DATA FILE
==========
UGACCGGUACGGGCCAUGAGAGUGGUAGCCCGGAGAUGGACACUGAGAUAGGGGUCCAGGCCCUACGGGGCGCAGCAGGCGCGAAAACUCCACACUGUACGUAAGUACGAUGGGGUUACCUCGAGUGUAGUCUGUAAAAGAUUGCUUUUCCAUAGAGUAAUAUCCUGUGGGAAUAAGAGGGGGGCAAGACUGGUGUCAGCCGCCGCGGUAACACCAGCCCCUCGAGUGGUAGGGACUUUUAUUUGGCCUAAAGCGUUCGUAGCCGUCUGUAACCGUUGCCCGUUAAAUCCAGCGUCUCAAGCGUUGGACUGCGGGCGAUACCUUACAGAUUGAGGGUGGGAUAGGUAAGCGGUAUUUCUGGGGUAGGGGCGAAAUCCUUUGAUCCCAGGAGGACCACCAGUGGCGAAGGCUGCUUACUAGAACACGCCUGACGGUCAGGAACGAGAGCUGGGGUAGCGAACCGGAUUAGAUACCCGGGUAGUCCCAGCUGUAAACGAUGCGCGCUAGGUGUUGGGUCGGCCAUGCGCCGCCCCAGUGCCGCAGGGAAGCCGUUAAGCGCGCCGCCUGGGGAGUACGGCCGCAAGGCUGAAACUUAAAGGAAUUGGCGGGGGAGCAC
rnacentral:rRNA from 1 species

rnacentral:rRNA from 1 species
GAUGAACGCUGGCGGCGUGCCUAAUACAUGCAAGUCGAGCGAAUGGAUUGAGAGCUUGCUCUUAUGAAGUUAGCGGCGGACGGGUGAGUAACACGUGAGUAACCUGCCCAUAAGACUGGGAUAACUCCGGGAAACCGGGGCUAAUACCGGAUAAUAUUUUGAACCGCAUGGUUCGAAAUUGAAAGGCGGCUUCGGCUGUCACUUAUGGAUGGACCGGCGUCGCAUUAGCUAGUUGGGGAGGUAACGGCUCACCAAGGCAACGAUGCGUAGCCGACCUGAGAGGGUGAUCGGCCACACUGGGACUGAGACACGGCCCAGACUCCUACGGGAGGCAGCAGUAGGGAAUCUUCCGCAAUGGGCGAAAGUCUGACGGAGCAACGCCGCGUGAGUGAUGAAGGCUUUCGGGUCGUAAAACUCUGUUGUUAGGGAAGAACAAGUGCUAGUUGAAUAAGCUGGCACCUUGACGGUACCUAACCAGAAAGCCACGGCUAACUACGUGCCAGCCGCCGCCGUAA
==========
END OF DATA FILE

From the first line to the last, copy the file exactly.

UGACCGGUACGGGCCAUGAGAGUGGUAGCCCGGAGAUGGACACUGAGAUAGGGGUCCAGGCCCUACGGGGCGCAGCAGGCGCGAAAACUCCACACUGUACGUAAGUACGAUGGGGUUACCUCGAGUGUAGUCUGUAAAAGAUUGCUUUUCCAUAGAGUAAUAUCCUGUGGGAAUAAGAGGGGGGCAAGACUGGUGUCAGCCGCCGCGGUAACACCAGCCCCUCGAGUGGUAGGGACUUUUAUUUGGCCUAAAGCGUUCGUAGCCGUCUGUAACCGUUGCCCGUUAAAUCCAGCGUCUCAAGCGUUGGACUGCGGGCGAUACCUUACAGAUUGAGGGUGGGAUAGGUAAGCGGUAUUUCUGGGGUAGGGGCGAAAUCCUUUGAUCCCAGGAGGACCACCAGUGGCGAAGGCUGCUUACUAGAACACGCCUGACGGUCAGGAACGAGAGCUGGGGUAGCGAACCGGAUUAGAUACCCGGGUAGUCCCAGCUGUAAACGAUGCGCGCUAGGUGUUGGGUCGGCCAUGCGCCGCCCCAGUGCCGCAGGGAAGCCGUUAAGCGCGCCGCCUGGGGAGUACGGCCGCAAGGCUGAAACUUAAAGGAAUUGGCGGGGGAGCAC
rnacentral:rRNA from 1 species

rnacentral:rRNA from 1 species
GAUGAACGCUGGCGGCGUGCCUAAUACAUGCAAGUCGAGCGAAUGGAUUGAGAGCUUGCUCUUAUGAAGUUAGCGGCGGACGGGUGAGUAACACGUGAGUAACCUGCCCAUAAGACUGGGAUAACUCCGGGAAACCGGGGCUAAUACCGGAUAAUAUUUUGAACCGCAUGGUUCGAAAUUGAAAGGCGGCUUCGGCUGUCACUUAUGGAUGGACCGGCGUCGCAUUAGCUAGUUGGGGAGGUAACGGCUCACCAAGGCAACGAUGCGUAGCCGACCUGAGAGGGUGAUCGGCCACACUGGGACUGAGACACGGCCCAGACUCCUACGGGAGGCAGCAGUAGGGAAUCUUCCGCAAUGGGCGAAAGUCUGACGGAGCAACGCCGCGUGAGUGAUGAAGGCUUUCGGGUCGUAAAACUCUGUUGUUAGGGAAGAACAAGUGCUAGUUGAAUAAGCUGGCACCUUGACGGUACCUAACCAGAAAGCCACGGCUAACUACGUGCCAGCCGCCGCCGUAA